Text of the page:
There are certain conditions which medical experts refuse to associate with mainstream medical science. One such condition is what we are about to discuss here; it is known as the leisure sickness syndrome. Know more on the subject from the following.
After a tough week at work, the only thing we long impatiently for is a weekend; a time to unwind, and relax. Needless to say, vacation or even a day off welcomes relief from the load and pressure of everyday life at work. However, for some people, such opportunities of leisure may spell trouble; enough to make them sick.
I am talking about a condition, which is purported to be psychological in nature, known as leisure sickness syndrome. Although, the condition has not been given recognition by psychologists, reportedly, there have been many cases which may vouch for its existence.
Factors Responsible for Inducing Leisure Sickness Syndrome In People
It was Dutch psychologists Ad Vingerhoets and Maaike van Huijgevoort who came up with the possible existence of this condition. As the name suggests, this syndrome is characterized by a person falling ill or feeling so only or mostly when he/she is on a vacation or a weekend than when working.
Having said that, it can be understood that workaholics may be the group of people who may exhibit the typical trait of this syndrome we are discussing here. According to some people, this condition somehow mimics the condition called Paradise Syndrome.
While not officially attributed to be a real psychological condition, here the affected person bears a sense of dissatisfaction despite having accomplished all that he/she desired in life.
Apparently, Ad Vingerhoets conducted a survey on about 2000 men and women who carried large workloads and felt very responsible for their work. He found that 3.2% of these people reported to have been suffering from this illness, when they had little to do.
People who were reported to be suffering from this syndrome, exhibited symptoms such as feeling nauseous, experiencing headache, fatigue, migraines, muscular aches and pain, and even common infections such as cold and flu.
Research indicates that this condition can have two manifestations. In one type, these symptoms immediately appear when the person shifts from a working environment to a leisure one which could be on a weekend, or may be before a vacation. In another type, this syndrome onsets in people who after giving up a busy life, decide to adopt a slow and quiet one.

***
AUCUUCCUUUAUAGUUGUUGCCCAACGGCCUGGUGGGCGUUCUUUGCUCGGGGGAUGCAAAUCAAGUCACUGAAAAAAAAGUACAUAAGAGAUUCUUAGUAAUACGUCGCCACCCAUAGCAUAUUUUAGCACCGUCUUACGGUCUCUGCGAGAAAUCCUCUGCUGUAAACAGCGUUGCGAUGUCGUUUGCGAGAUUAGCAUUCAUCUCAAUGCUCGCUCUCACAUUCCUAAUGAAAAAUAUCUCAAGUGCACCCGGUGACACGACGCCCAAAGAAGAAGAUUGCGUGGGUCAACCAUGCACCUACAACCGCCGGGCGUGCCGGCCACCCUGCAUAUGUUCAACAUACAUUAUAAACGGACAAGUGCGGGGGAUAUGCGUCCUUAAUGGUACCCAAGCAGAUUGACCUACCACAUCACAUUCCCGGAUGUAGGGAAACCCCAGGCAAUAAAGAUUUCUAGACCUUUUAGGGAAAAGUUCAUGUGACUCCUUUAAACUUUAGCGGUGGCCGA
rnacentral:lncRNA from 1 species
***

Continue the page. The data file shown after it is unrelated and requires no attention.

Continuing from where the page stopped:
What may happen is, when a person is overloaded with work, his/her body adapts itself to the stress. But the moment, the same person tries to make a transition to a relaxed setting such as a weekend, the body thinks that it is a let-down response thus, triggering stress and the symptoms mentioned above.
It has been reported that about 3% of both men and women seem to be affected by the syndrome. And this 3% consist of people bearing characteristics such as perfectionism, eagerness to always stay ahead in the race, over-developed sense of responsibility; in short, driven personalities. It may be said that, the immune system of such people works better when they are coping with stress in their work environment.
What Could be Done?
Leisure sickness syndrome is a newly coined term in medical science, and since its reputation is not recognized as medically relevant, any specific treatment is out of expectation. But one logical solution, or let's say treatment for this condition is returning to the job a person enjoys or getting himself/herself more involved.
And nothing beats the benefits of exercise. If someone feels that he/she is not at ease or getting ill when on a vacation, then what best can be done is to indulge in exercise. This would not only keep the person engaged but also help in reducing negative stress.
In conclusion, there is a subtle difference between being a workaholic and a perfectionist. So if you make a conscious effort in determining which one of these two you are, then it might also provide a great deal of help in managing problems such as the leisure sickness syndrome.